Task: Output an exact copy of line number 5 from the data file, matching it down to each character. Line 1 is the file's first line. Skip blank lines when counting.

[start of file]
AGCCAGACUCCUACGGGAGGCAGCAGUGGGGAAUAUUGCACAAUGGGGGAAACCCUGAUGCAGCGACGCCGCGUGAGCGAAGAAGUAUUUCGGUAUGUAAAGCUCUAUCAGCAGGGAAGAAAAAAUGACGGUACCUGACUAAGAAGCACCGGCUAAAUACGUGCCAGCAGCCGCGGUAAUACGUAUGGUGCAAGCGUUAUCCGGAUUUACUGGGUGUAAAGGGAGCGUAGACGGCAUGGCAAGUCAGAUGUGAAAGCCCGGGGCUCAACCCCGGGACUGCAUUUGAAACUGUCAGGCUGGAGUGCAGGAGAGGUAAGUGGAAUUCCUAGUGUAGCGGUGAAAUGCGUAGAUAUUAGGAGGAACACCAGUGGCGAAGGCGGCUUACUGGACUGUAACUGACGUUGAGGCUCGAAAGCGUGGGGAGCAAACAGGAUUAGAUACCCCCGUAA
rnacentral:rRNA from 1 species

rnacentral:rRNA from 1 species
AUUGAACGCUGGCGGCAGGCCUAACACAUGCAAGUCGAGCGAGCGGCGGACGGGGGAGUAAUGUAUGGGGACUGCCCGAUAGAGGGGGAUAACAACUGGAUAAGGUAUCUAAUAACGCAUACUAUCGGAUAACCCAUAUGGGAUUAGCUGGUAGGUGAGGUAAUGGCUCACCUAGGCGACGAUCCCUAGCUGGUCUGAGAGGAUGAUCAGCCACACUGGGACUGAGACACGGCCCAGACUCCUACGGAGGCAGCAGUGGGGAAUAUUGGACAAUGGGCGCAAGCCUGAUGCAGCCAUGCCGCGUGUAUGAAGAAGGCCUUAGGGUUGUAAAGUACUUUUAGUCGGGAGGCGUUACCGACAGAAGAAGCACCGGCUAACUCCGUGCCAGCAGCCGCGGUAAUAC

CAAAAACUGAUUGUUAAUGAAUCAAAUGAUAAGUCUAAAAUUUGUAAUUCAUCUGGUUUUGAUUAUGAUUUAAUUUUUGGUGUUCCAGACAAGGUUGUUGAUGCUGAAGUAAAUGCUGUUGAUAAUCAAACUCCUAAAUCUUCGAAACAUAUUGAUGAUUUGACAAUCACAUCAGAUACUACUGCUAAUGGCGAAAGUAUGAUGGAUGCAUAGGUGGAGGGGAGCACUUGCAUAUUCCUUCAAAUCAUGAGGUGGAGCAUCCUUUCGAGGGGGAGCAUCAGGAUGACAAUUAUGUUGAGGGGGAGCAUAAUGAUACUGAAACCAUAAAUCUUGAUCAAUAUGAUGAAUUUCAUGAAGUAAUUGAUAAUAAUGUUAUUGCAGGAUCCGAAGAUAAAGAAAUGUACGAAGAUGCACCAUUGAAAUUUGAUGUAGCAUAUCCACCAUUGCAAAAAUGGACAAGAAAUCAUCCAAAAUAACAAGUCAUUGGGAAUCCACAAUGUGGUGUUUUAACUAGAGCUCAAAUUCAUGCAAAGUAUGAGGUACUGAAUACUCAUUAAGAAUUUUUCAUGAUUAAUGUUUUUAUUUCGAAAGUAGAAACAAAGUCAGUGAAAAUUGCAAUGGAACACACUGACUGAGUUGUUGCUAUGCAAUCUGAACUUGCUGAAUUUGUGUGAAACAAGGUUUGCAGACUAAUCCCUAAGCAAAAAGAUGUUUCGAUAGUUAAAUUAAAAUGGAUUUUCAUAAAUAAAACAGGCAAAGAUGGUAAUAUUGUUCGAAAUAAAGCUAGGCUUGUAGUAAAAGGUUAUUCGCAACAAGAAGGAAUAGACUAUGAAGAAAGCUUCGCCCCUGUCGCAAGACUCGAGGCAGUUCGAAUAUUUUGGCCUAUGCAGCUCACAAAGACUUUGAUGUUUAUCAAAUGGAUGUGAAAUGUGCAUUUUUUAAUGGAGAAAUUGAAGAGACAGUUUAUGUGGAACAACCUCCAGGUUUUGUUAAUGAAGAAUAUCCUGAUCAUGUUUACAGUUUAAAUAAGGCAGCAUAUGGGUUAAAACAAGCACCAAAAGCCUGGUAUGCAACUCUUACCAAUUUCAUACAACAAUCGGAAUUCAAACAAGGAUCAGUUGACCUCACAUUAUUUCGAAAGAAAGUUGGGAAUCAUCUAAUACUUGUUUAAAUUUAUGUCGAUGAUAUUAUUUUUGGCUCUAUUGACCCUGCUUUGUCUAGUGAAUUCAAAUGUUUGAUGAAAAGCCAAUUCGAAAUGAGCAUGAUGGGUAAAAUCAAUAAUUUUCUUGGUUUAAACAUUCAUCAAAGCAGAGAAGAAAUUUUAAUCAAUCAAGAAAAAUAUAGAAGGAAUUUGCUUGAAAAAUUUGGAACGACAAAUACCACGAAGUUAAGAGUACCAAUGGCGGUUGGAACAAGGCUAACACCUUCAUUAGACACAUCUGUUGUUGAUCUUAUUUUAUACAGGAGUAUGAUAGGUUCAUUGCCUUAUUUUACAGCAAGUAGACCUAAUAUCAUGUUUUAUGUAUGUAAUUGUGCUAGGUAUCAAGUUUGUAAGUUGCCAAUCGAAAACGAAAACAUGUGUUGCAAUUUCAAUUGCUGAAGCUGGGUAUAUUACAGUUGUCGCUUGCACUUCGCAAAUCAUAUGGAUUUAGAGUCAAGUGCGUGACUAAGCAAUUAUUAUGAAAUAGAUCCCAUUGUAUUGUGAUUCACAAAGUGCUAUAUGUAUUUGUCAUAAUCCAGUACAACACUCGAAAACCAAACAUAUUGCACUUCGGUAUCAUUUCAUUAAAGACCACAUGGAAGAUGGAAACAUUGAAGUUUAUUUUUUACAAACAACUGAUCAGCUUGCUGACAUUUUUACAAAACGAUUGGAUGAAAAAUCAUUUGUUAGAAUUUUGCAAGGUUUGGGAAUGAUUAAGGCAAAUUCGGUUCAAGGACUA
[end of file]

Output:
CAAAAACUGAUUGUUAAUGAAUCAAAUGAUAAGUCUAAAAUUUGUAAUUCAUCUGGUUUUGAUUAUGAUUUAAUUUUUGGUGUUCCAGACAAGGUUGUUGAUGCUGAAGUAAAUGCUGUUGAUAAUCAAACUCCUAAAUCUUCGAAACAUAUUGAUGAUUUGACAAUCACAUCAGAUACUACUGCUAAUGGCGAAAGUAUGAUGGAUGCAUAGGUGGAGGGGAGCACUUGCAUAUUCCUUCAAAUCAUGAGGUGGAGCAUCCUUUCGAGGGGGAGCAUCAGGAUGACAAUUAUGUUGAGGGGGAGCAUAAUGAUACUGAAACCAUAAAUCUUGAUCAAUAUGAUGAAUUUCAUGAAGUAAUUGAUAAUAAUGUUAUUGCAGGAUCCGAAGAUAAAGAAAUGUACGAAGAUGCACCAUUGAAAUUUGAUGUAGCAUAUCCACCAUUGCAAAAAUGGACAAGAAAUCAUCCAAAAUAACAAGUCAUUGGGAAUCCACAAUGUGGUGUUUUAACUAGAGCUCAAAUUCAUGCAAAGUAUGAGGUACUGAAUACUCAUUAAGAAUUUUUCAUGAUUAAUGUUUUUAUUUCGAAAGUAGAAACAAAGUCAGUGAAAAUUGCAAUGGAACACACUGACUGAGUUGUUGCUAUGCAAUCUGAACUUGCUGAAUUUGUGUGAAACAAGGUUUGCAGACUAAUCCCUAAGCAAAAAGAUGUUUCGAUAGUUAAAUUAAAAUGGAUUUUCAUAAAUAAAACAGGCAAAGAUGGUAAUAUUGUUCGAAAUAAAGCUAGGCUUGUAGUAAAAGGUUAUUCGCAACAAGAAGGAAUAGACUAUGAAGAAAGCUUCGCCCCUGUCGCAAGACUCGAGGCAGUUCGAAUAUUUUGGCCUAUGCAGCUCACAAAGACUUUGAUGUUUAUCAAAUGGAUGUGAAAUGUGCAUUUUUUAAUGGAGAAAUUGAAGAGACAGUUUAUGUGGAACAACCUCCAGGUUUUGUUAAUGAAGAAUAUCCUGAUCAUGUUUACAGUUUAAAUAAGGCAGCAUAUGGGUUAAAACAAGCACCAAAAGCCUGGUAUGCAACUCUUACCAAUUUCAUACAACAAUCGGAAUUCAAACAAGGAUCAGUUGACCUCACAUUAUUUCGAAAGAAAGUUGGGAAUCAUCUAAUACUUGUUUAAAUUUAUGUCGAUGAUAUUAUUUUUGGCUCUAUUGACCCUGCUUUGUCUAGUGAAUUCAAAUGUUUGAUGAAAAGCCAAUUCGAAAUGAGCAUGAUGGGUAAAAUCAAUAAUUUUCUUGGUUUAAACAUUCAUCAAAGCAGAGAAGAAAUUUUAAUCAAUCAAGAAAAAUAUAGAAGGAAUUUGCUUGAAAAAUUUGGAACGACAAAUACCACGAAGUUAAGAGUACCAAUGGCGGUUGGAACAAGGCUAACACCUUCAUUAGACACAUCUGUUGUUGAUCUUAUUUUAUACAGGAGUAUGAUAGGUUCAUUGCCUUAUUUUACAGCAAGUAGACCUAAUAUCAUGUUUUAUGUAUGUAAUUGUGCUAGGUAUCAAGUUUGUAAGUUGCCAAUCGAAAACGAAAACAUGUGUUGCAAUUUCAAUUGCUGAAGCUGGGUAUAUUACAGUUGUCGCUUGCACUUCGCAAAUCAUAUGGAUUUAGAGUCAAGUGCGUGACUAAGCAAUUAUUAUGAAAUAGAUCCCAUUGUAUUGUGAUUCACAAAGUGCUAUAUGUAUUUGUCAUAAUCCAGUACAACACUCGAAAACCAAACAUAUUGCACUUCGGUAUCAUUUCAUUAAAGACCACAUGGAAGAUGGAAACAUUGAAGUUUAUUUUUUACAAACAACUGAUCAGCUUGCUGACAUUUUUACAAAACGAUUGGAUGAAAAAUCAUUUGUUAGAAUUUUGCAAGGUUUGGGAAUGAUUAAGGCAAAUUCGGUUCAAGGACUA